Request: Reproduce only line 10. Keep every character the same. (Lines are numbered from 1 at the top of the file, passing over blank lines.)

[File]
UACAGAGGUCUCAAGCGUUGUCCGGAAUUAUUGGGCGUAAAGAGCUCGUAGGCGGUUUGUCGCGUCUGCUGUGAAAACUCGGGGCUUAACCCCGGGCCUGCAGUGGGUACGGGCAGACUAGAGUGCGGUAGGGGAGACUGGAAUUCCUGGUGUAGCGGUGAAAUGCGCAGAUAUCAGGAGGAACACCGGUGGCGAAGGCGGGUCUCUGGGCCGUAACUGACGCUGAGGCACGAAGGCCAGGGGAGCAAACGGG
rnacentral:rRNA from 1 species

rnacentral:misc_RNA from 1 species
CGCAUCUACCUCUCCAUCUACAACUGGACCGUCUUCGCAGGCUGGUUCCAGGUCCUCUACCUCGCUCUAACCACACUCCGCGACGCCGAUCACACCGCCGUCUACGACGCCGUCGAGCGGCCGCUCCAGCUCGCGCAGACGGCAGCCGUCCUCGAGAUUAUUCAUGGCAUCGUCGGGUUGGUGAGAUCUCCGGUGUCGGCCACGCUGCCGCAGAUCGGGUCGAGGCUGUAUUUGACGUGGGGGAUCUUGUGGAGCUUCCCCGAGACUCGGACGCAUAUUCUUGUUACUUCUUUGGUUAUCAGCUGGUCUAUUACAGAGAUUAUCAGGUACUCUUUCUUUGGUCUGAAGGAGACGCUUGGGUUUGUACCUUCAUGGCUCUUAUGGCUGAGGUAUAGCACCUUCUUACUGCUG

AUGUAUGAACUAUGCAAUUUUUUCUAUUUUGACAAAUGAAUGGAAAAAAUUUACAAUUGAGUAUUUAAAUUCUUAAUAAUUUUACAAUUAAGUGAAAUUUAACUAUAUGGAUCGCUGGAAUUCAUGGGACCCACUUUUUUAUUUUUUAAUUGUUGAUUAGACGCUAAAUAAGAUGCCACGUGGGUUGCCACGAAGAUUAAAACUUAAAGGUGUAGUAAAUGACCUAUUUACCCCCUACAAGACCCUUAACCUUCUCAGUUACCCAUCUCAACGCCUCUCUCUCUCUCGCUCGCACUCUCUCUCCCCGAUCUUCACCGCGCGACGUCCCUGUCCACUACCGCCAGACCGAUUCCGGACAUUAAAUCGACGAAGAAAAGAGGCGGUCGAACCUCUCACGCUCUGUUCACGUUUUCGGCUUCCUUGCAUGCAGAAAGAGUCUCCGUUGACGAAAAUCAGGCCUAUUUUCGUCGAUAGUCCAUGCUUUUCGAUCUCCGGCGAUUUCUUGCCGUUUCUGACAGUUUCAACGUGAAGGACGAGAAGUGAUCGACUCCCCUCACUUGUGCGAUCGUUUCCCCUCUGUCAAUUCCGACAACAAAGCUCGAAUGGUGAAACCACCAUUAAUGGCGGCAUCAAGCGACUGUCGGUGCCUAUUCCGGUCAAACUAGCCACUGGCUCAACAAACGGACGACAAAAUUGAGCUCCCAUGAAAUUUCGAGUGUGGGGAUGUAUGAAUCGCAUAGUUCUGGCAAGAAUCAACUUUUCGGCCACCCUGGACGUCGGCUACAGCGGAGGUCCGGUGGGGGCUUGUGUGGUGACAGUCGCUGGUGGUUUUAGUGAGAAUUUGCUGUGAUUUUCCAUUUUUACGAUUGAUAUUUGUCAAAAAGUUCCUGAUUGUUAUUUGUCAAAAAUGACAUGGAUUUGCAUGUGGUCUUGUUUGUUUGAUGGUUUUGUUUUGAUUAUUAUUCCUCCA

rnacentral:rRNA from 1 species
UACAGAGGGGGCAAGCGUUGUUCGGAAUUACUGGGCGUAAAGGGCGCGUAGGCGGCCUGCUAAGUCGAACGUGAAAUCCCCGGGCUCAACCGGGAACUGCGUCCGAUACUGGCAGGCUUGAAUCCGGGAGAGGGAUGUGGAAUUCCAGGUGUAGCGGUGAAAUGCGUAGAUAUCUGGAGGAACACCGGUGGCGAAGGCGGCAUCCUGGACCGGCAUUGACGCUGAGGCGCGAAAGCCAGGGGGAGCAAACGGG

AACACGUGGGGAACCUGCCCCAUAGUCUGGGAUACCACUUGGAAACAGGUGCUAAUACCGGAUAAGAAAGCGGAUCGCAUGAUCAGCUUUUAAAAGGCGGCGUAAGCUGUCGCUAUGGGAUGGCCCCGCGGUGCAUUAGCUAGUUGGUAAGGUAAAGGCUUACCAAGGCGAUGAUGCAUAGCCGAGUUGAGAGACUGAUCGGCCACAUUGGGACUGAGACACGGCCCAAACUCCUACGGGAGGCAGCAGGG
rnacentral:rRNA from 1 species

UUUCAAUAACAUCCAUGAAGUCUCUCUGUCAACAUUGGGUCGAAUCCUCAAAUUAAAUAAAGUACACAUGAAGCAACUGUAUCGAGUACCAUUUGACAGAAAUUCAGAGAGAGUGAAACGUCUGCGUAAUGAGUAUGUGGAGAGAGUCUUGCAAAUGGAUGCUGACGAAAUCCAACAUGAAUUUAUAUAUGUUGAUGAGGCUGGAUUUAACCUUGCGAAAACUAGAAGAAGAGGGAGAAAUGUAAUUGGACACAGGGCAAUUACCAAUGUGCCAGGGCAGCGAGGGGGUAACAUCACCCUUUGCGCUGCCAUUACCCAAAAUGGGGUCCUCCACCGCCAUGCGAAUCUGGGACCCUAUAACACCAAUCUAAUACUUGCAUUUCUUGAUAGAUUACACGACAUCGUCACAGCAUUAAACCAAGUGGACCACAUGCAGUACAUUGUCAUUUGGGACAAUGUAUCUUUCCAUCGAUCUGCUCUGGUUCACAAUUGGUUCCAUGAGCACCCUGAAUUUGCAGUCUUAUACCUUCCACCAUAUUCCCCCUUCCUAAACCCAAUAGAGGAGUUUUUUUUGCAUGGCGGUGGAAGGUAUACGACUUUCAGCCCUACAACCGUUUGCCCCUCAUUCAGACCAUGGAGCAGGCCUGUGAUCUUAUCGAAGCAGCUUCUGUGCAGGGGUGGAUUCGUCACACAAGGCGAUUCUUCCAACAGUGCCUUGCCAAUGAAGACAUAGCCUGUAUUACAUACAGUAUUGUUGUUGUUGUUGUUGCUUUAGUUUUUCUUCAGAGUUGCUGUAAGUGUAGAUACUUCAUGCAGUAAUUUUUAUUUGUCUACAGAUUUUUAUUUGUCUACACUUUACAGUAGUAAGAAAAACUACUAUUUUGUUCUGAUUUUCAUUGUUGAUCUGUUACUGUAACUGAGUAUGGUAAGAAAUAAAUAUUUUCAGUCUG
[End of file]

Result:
UUUCAAUAACAUCCAUGAAGUCUCUCUGUCAACAUUGGGUCGAAUCCUCAAAUUAAAUAAAGUACACAUGAAGCAACUGUAUCGAGUACCAUUUGACAGAAAUUCAGAGAGAGUGAAACGUCUGCGUAAUGAGUAUGUGGAGAGAGUCUUGCAAAUGGAUGCUGACGAAAUCCAACAUGAAUUUAUAUAUGUUGAUGAGGCUGGAUUUAACCUUGCGAAAACUAGAAGAAGAGGGAGAAAUGUAAUUGGACACAGGGCAAUUACCAAUGUGCCAGGGCAGCGAGGGGGUAACAUCACCCUUUGCGCUGCCAUUACCCAAAAUGGGGUCCUCCACCGCCAUGCGAAUCUGGGACCCUAUAACACCAAUCUAAUACUUGCAUUUCUUGAUAGAUUACACGACAUCGUCACAGCAUUAAACCAAGUGGACCACAUGCAGUACAUUGUCAUUUGGGACAAUGUAUCUUUCCAUCGAUCUGCUCUGGUUCACAAUUGGUUCCAUGAGCACCCUGAAUUUGCAGUCUUAUACCUUCCACCAUAUUCCCCCUUCCUAAACCCAAUAGAGGAGUUUUUUUUGCAUGGCGGUGGAAGGUAUACGACUUUCAGCCCUACAACCGUUUGCCCCUCAUUCAGACCAUGGAGCAGGCCUGUGAUCUUAUCGAAGCAGCUUCUGUGCAGGGGUGGAUUCGUCACACAAGGCGAUUCUUCCAACAGUGCCUUGCCAAUGAAGACAUAGCCUGUAUUACAUACAGUAUUGUUGUUGUUGUUGUUGCUUUAGUUUUUCUUCAGAGUUGCUGUAAGUGUAGAUACUUCAUGCAGUAAUUUUUAUUUGUCUACAGAUUUUUAUUUGUCUACACUUUACAGUAGUAAGAAAAACUACUAUUUUGUUCUGAUUUUCAUUGUUGAUCUGUUACUGUAACUGAGUAUGGUAAGAAAUAAAUAUUUUCAGUCUG